「宦官と妓女」 (Kangan to Gijo)
“The Eunuch and the Courtesan”

Damn, the court means business- punishing not only Fengming, but her family and her family’s business connections. It’s rather unfair to fire girls who had nothing to do with her crimes and were only tangentially connected to her personage- it’s not their fault. But that’s politics. Not that her family was entirely innocent- it comes to light that one of the families connected to her were the people who kidnapped and sold Mao Mao. Which would mean that Mao Mao would also be fired from her palace duties through her connection with them.

Jinshi, for once, considers Mao Mao and how he could best respect her wishes, whether keeping her at the palace for his own selfish purposes would be gratifying to her, or to let her go. I think Jinshi is taking a much more emotional approach to this than Mao Mao. Mao Mao acts based upon what is convenient for her in the moment rather than the feelings of the people involved. Not that Jinshi is the king of consideration- cue that horrible honey harassment a few episodes ago. It is a double standard- it’s ok to let the other girls off, but not Mao Mao, which in that sense, she and Jinshi are alike.

Mao Mao, when she hears about this realizes what will happen to her- the equivalent of getting tossed out of the frying pan into the fire. It’s the first time I’ve seen her this panicked, and with good reason- getting sold off into prostitution by grandma is a horrible fate. In the end, Jinshi decides to let her go, rather than to continue using her as a pawn. It seems he has some modicum of consideration, though why he can’t show that consistently, I don’t know- and it still doesn’t make him a character I’d like or trust. Thankfully, he sends Mao Mao off with enough money so she doesn’t get forced into prostitution, though she still ends up accompanying her “sisters” to a night of entertainment at a filthy rich noble’s house.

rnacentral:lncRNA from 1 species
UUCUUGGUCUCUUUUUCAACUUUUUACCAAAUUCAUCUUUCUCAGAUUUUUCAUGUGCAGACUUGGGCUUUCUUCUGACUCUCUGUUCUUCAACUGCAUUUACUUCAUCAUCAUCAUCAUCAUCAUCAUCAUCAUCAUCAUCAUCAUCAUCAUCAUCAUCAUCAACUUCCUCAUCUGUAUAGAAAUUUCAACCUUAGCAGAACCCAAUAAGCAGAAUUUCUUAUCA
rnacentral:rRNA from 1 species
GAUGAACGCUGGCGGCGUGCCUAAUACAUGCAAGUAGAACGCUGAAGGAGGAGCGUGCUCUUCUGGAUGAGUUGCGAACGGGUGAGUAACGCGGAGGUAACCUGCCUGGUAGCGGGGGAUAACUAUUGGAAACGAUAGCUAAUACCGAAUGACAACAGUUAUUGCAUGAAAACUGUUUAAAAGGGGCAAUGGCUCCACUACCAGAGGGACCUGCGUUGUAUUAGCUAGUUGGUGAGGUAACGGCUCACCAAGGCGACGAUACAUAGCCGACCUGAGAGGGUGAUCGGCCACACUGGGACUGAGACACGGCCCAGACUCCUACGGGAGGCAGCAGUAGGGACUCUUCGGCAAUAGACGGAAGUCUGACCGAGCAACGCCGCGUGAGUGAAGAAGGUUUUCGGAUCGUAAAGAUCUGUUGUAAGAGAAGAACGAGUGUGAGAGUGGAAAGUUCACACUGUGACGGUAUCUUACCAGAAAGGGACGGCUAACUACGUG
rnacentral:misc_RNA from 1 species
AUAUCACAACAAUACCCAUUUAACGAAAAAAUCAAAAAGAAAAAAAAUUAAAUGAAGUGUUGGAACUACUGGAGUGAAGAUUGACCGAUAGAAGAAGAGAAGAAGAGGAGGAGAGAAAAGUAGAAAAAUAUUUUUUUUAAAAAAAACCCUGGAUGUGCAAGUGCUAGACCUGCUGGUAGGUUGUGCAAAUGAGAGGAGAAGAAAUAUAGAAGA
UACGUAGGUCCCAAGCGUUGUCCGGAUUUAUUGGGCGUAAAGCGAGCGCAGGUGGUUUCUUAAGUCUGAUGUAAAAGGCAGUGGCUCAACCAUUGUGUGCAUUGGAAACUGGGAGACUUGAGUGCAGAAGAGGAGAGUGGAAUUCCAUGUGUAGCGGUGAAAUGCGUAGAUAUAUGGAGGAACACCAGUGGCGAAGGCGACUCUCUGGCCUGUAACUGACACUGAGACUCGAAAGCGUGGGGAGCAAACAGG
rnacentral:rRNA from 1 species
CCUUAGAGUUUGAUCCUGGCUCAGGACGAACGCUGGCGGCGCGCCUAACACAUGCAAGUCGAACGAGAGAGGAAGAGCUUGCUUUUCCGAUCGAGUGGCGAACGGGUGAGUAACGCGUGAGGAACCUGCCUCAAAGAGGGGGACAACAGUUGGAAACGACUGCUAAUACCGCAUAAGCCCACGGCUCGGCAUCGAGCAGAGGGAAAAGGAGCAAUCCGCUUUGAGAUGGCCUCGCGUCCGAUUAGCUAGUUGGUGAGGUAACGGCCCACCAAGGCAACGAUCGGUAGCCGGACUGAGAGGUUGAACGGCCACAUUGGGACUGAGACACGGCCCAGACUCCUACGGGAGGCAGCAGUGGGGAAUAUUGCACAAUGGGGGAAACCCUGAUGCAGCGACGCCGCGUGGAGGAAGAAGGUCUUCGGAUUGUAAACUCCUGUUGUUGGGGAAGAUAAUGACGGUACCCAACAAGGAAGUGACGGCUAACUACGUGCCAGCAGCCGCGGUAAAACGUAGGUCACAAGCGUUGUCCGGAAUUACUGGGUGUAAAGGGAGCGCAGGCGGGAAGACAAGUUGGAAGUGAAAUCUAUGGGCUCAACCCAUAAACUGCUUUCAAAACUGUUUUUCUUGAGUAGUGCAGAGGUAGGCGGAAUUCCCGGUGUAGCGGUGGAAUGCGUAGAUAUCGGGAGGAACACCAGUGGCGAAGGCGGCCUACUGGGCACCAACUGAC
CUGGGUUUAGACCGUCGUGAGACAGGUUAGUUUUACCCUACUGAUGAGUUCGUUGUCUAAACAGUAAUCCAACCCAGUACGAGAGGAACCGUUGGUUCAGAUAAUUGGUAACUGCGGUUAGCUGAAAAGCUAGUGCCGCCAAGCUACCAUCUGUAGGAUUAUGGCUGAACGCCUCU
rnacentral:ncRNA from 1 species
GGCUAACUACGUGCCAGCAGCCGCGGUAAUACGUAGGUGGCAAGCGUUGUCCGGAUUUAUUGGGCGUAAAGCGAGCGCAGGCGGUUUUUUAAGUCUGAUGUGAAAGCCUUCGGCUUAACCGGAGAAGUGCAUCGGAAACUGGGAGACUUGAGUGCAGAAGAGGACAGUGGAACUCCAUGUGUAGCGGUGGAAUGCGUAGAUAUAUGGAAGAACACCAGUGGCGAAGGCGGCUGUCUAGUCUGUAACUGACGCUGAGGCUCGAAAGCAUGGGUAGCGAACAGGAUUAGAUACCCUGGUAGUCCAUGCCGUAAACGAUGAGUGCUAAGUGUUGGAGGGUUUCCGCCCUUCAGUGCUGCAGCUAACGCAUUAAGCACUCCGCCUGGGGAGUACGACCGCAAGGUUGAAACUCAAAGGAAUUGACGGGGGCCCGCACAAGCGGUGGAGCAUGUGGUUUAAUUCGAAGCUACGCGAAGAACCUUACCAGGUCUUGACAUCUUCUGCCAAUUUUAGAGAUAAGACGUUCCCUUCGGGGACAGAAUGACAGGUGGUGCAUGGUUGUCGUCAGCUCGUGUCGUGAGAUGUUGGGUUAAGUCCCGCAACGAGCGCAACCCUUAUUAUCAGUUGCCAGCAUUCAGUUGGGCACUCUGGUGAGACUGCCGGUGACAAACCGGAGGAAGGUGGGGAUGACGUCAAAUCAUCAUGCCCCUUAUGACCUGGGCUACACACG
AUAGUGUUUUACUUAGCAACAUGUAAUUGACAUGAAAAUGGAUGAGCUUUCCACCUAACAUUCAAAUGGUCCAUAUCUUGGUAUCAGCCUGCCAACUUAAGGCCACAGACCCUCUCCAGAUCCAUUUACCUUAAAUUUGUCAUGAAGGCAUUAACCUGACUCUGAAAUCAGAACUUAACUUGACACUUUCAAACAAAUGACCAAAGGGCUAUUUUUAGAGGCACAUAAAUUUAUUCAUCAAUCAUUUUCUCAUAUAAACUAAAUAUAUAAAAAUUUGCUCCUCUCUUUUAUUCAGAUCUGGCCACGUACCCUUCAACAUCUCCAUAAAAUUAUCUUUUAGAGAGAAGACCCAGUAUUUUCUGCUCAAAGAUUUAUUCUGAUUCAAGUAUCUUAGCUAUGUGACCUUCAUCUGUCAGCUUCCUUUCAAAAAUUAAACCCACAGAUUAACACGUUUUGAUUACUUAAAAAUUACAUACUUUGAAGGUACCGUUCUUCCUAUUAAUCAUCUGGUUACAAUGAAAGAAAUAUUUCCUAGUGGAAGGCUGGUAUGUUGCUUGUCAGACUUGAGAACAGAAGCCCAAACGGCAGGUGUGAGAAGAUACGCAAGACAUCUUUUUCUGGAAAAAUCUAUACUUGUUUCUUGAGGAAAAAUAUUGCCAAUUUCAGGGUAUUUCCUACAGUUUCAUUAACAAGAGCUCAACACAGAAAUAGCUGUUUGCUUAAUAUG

As fate would have it, she runs into none other than Jinshi, who is busy bemoaning his broken heart. This was probably intended as a swoon-worthy encounter- handsome court gentleman in love with a broke girl, offers to buy her out. But I certainly wasn’t feeling it. I find Jinshi’s preoccupation with Mao Mao’s chastity creepy (it’s none of his fucking business) not to mention the way he constantly disrespects her personal boundaries. I was so done, so done with Jinshi when he started pressuring her to let him touch her. Respect her boundaries for the love of all that is good in this world.

Importantly, Mao Mao gets her job back, which has far more decent prospects for her amazing brain, in researching and poison testing to her heart’s desire. This isn’t a straightforward “Yes!! I accept!” for her, however. The rear palace gives her free rein to test poisons to her heart’s desire, but it proves to be as much of a cage as the pleasure district, only it takes on a different form. Normally Mao Mao is very black or white, decisive about a situation (even if the decision she comes to is questionable), so it was a change to see her stuck between a crossroads. I think one of recurring themes is that there is no such thing as freedom- you’re ultimately always bound by something or someone.

Another central theme that stood out to me in this episode was introspection. Jinshi was lost in thought, Mao Mao was deep in contemplation. Rather fitting for the end of the first cour- we got a chance to see the character building over the past 12 episodes come to a head here, giving us and the characters a chance to reflect on everything that’s happened so far and what it means to them. While the characters haven’t solved their quandaries, it is clear where the next phase of the story will head.